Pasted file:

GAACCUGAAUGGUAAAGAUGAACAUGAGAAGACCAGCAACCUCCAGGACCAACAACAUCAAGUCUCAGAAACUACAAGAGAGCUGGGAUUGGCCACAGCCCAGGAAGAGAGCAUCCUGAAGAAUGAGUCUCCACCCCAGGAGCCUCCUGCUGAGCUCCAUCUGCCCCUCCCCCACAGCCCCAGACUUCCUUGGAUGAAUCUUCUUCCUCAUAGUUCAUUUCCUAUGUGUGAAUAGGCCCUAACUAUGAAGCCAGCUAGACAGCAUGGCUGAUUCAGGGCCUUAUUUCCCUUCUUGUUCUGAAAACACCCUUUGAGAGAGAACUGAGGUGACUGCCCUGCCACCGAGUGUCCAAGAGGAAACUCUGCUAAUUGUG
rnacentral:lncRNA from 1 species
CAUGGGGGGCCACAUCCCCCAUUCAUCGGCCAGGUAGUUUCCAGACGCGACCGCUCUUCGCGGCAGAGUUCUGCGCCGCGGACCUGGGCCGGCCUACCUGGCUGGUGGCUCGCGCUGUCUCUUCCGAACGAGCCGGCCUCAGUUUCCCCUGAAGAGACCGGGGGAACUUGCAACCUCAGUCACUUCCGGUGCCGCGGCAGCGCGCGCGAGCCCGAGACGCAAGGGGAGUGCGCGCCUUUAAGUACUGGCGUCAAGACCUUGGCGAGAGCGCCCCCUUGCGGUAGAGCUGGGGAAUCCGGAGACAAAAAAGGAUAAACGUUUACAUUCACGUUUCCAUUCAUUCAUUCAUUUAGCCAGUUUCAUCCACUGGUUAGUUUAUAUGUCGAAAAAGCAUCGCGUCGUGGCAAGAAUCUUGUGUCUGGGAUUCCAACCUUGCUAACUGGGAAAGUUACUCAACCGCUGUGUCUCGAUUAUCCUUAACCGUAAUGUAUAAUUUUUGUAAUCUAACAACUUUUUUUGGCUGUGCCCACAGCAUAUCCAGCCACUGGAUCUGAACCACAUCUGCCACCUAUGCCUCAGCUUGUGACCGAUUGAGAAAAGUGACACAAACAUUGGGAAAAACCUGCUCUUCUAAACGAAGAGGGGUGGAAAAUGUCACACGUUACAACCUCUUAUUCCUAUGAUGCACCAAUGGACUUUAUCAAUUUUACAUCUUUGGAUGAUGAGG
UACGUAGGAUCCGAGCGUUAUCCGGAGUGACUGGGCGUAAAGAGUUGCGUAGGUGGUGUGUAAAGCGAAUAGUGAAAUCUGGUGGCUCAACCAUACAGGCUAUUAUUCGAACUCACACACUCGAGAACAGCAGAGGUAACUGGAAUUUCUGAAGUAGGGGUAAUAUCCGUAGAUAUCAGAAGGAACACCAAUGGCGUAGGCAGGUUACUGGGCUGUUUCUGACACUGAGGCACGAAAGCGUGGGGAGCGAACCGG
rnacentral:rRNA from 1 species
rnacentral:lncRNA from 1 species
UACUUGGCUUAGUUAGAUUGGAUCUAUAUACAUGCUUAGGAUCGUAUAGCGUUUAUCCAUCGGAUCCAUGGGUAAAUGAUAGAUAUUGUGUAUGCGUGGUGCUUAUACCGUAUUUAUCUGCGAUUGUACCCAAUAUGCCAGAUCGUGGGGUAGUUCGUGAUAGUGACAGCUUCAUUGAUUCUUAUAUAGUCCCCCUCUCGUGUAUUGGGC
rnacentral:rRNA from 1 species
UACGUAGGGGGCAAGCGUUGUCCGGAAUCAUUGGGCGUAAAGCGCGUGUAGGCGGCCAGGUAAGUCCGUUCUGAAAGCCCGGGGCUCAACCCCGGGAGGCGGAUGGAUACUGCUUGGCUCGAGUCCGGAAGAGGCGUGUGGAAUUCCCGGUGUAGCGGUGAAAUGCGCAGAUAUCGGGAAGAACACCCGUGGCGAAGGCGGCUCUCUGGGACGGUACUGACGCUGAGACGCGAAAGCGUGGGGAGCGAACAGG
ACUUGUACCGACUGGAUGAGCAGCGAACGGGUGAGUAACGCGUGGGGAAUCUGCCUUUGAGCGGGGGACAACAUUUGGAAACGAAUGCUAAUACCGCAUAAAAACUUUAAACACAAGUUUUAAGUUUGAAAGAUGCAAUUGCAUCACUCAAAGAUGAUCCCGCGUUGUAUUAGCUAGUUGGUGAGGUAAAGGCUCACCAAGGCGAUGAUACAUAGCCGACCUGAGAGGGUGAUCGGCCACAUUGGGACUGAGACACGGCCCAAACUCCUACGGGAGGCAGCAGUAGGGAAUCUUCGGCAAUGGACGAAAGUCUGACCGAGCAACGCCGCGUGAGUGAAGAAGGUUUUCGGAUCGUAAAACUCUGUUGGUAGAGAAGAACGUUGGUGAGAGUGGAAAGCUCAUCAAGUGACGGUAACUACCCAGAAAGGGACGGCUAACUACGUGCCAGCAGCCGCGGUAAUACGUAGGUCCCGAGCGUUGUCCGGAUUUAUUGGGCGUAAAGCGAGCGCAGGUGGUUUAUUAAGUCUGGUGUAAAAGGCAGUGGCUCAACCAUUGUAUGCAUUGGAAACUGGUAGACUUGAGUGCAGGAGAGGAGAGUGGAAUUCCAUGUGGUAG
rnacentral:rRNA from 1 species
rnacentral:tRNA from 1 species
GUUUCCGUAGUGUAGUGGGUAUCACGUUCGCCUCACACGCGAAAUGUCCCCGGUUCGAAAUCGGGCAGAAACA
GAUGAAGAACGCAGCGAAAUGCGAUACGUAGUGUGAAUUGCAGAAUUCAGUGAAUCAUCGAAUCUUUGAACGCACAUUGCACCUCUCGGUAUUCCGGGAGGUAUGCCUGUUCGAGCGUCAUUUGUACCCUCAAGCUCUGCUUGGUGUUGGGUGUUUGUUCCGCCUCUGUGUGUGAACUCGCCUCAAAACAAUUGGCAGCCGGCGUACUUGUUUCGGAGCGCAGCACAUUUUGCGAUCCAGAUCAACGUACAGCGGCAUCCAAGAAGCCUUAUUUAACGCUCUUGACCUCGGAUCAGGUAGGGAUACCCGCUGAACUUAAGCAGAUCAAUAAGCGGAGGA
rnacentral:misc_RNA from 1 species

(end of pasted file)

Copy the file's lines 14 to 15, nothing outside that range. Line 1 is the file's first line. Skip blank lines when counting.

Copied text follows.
GAUGAAGAACGCAGCGAAAUGCGAUACGUAGUGUGAAUUGCAGAAUUCAGUGAAUCAUCGAAUCUUUGAACGCACAUUGCACCUCUCGGUAUUCCGGGAGGUAUGCCUGUUCGAGCGUCAUUUGUACCCUCAAGCUCUGCUUGGUGUUGGGUGUUUGUUCCGCCUCUGUGUGUGAACUCGCCUCAAAACAAUUGGCAGCCGGCGUACUUGUUUCGGAGCGCAGCACAUUUUGCGAUCCAGAUCAACGUACAGCGGCAUCCAAGAAGCCUUAUUUAACGCUCUUGACCUCGGAUCAGGUAGGGAUACCCGCUGAACUUAAGCAGAUCAAUAAGCGGAGGA
rnacentral:misc_RNA from 1 species